And she did it. When you look at the engravings from the time, people were clearly just blown away at how beautiful the place was. And she deserves an enormous amount of credit for doing that with almost no budget.

    (Photo credit: Nicholas H. Shepherd)

  2. Tony Kushner

    Mary Todd Lincoln

    White House

    Fresh Air

  1. Although there are no interpretations of Lincoln that say that he was a bad person, or a person who at one point loved slavery and changed his mind — [interpretations] that make any sense to me and that I think are in any way credible — there are certainly various versions of Lincoln and aspects of Lincoln. Like for instance his melancholy (which I don’t think he was) that are legitimate readings of him, and everybody has to pick their own. … Many people who knew him, including most of his closest friends, talk about how isolated and lonely and strange he was.

    And I would imagine Shakespeare and Mozart and Albert Einstein were also very strange. I think it must be very hard to have a cognitive process that really only in some ways resembles the cognitive processes of most of your fellow human beings. And the ability to see things that no one else can see, on one level, is a blessing — it’s certainly a blessing for the rest of us when something is made of it — but it also must be a kind of curse, because it seals you up in a world that only you can see.

    I mean, he was famously a joker, and a person who told stories, and a person who laughed and talked about how he had to laugh. He loved Shakespeare, and he loved Robert Burns, who were both writers who combine real heartbreak and tragedy with incredible humor and wit. And Lincoln said, ‘I couldn’t survive what I’m going through if I couldn’t laugh.’

    I don’t think he was a depressed person. I think he was a man with an enormous capacity for grief that didn’t deprive him of the ability to act. And he felt no need to hide the fact that he was grieving — and in fact saw, as the president of the United States, a duty to talk to the country about its grief during a time when we now think as many as 800,000 men in a country of 30 million died in combat in a four-year period.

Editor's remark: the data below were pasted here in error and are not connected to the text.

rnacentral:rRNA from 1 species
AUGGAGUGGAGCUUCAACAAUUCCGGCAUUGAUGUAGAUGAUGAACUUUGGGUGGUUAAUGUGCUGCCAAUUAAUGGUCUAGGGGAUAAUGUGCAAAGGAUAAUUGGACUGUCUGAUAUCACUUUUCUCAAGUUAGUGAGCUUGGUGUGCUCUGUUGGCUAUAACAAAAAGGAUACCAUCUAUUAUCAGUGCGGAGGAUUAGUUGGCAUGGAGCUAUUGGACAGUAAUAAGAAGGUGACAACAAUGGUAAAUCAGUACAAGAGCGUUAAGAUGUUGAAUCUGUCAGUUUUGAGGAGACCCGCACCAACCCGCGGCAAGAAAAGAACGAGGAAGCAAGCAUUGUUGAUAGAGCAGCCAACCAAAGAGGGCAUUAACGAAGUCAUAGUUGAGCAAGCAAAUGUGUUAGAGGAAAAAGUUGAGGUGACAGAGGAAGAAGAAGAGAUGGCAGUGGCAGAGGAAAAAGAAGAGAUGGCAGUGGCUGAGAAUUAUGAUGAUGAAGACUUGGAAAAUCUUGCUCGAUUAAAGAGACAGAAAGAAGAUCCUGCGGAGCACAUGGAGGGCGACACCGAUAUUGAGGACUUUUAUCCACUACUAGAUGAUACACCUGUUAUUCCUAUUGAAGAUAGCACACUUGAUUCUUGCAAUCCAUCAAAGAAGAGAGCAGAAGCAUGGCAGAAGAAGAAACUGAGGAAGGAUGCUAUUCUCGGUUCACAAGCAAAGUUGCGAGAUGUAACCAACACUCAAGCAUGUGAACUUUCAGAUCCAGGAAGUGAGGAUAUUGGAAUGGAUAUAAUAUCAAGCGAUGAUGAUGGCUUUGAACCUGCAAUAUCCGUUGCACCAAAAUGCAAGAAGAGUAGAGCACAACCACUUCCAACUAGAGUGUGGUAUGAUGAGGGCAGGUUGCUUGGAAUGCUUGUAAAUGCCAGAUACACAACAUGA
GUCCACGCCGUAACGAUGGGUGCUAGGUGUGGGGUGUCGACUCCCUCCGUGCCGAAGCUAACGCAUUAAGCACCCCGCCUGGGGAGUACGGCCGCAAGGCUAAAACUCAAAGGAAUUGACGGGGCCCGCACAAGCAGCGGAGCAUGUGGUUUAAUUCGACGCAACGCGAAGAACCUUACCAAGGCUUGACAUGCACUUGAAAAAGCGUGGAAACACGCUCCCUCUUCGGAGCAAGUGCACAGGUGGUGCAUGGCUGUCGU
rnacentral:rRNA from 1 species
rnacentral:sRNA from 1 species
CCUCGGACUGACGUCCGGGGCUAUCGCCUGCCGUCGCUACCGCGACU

— Tony Kushner on the many interpretations of Abraham Lincoln

  2. Tony Kushner

    Lincoln

    Fresh Air

  1. Tony Kushner on Abraham Lincoln’s political genius:

The man was just kind of a miracle worker in terms of finessing almost impossible circumstances and getting a result that he felt that he needed. It was a combination of cunning [and] ruthlessness –- he was sometimes very hard on his friends and asked them to make terrible sacrifices of their own ambitions.

And you can listen to an interview with historian Doris Kearns Goodwin, author of “Team of Rivals,” which was a major source for Kushner while writing the screenplay for the new Steven Spielberg film “Lincoln.”
(Photo credit: Joan Marcus-Hores/Dreamworks Pictures and 20th Century Fox)

    Tony Kushner on Abraham Lincoln’s political genius:

    The man was just kind of a miracle worker in terms of finessing almost impossible circumstances and getting a result that he felt that he needed. It was a combination of cunning [and] ruthlessness –- he was sometimes very hard on his friends and asked them to make terrible sacrifices of their own ambitions.

    And you can listen to an interview with historian Doris Kearns Goodwin, author of “Team of Rivals,” which was a major source for Kushner while writing the screenplay for the new Steven Spielberg film “Lincoln.”

    (Photo credit: Joan Marcus-Hores/Dreamworks Pictures and 20th Century Fox)

  2. Tony Kushner

    Abraham Lincoln

    Fresh Air

  1. There is probably no politican of any competence whatsoever who isn’t good at that because that’s in fact what politics is. It’s not about purity. It’s about compromise and strategy and making things actually happen in real time on this earth as opposed to a metaphysical realm.

    — Tony Kushner on Lincoln’s political savvy and what it takes to be a good politician

  2. Tony Kushner

    Fresh Air

    politics

  1. On tap for today: Tony Kushner, who wrote the screenplay for the new Steven Spielberg film, “Lincoln.” Kushner won a Pulitzer in 1993 for his play “Angels in America.” 
We’ll also hear from Doris Kearns Goodwin, whose biography “Team of Rivals” was the basis for the movie.
(Illustration by Ricardo Martinez as seen in The New Yorker)

    On tap for today: Tony Kushner, who wrote the screenplay for the new Steven Spielberg film, “Lincoln.” Kushner won a Pulitzer in 1993 for his play “Angels in America.” 

    We’ll also hear from Doris Kearns Goodwin, whose biography “Team of Rivals” was the basis for the movie.

    (Illustration by Ricardo Martinez as seen in The New Yorker)

  2. Lincoln

    Tony Kushner

    Fresh Air